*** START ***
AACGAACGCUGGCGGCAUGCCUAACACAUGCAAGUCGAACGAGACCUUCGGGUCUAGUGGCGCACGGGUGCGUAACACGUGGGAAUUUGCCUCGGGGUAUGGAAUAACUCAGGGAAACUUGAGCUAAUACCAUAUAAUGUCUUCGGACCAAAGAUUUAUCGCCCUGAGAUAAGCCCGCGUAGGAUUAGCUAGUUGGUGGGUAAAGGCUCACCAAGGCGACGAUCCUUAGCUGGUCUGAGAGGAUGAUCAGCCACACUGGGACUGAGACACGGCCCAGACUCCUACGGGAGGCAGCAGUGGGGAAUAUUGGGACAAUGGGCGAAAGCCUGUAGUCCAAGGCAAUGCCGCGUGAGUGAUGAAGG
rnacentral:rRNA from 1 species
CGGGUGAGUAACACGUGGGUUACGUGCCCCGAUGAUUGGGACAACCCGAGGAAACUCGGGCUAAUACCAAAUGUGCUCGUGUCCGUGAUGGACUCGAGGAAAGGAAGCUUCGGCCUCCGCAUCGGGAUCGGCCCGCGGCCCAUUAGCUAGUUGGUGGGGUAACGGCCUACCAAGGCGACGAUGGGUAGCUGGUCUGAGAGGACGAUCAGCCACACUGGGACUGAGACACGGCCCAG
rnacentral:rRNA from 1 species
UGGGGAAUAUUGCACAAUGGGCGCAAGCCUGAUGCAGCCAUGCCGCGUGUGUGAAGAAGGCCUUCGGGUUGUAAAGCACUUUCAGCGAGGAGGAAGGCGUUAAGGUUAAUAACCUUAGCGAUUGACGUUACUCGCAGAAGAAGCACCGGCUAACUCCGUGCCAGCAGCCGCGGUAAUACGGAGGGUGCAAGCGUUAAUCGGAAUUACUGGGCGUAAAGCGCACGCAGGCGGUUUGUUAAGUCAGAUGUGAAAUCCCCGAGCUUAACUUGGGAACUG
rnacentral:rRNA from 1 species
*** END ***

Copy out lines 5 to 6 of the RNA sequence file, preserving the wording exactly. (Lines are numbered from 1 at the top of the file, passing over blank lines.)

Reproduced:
UGGGGAAUAUUGCACAAUGGGCGCAAGCCUGAUGCAGCCAUGCCGCGUGUGUGAAGAAGGCCUUCGGGUUGUAAAGCACUUUCAGCGAGGAGGAAGGCGUUAAGGUUAAUAACCUUAGCGAUUGACGUUACUCGCAGAAGAAGCACCGGCUAACUCCGUGCCAGCAGCCGCGGUAAUACGGAGGGUGCAAGCGUUAAUCGGAAUUACUGGGCGUAAAGCGCACGCAGGCGGUUUGUUAAGUCAGAUGUGAAAUCCCCGAGCUUAACUUGGGAACUG
rnacentral:rRNA from 1 species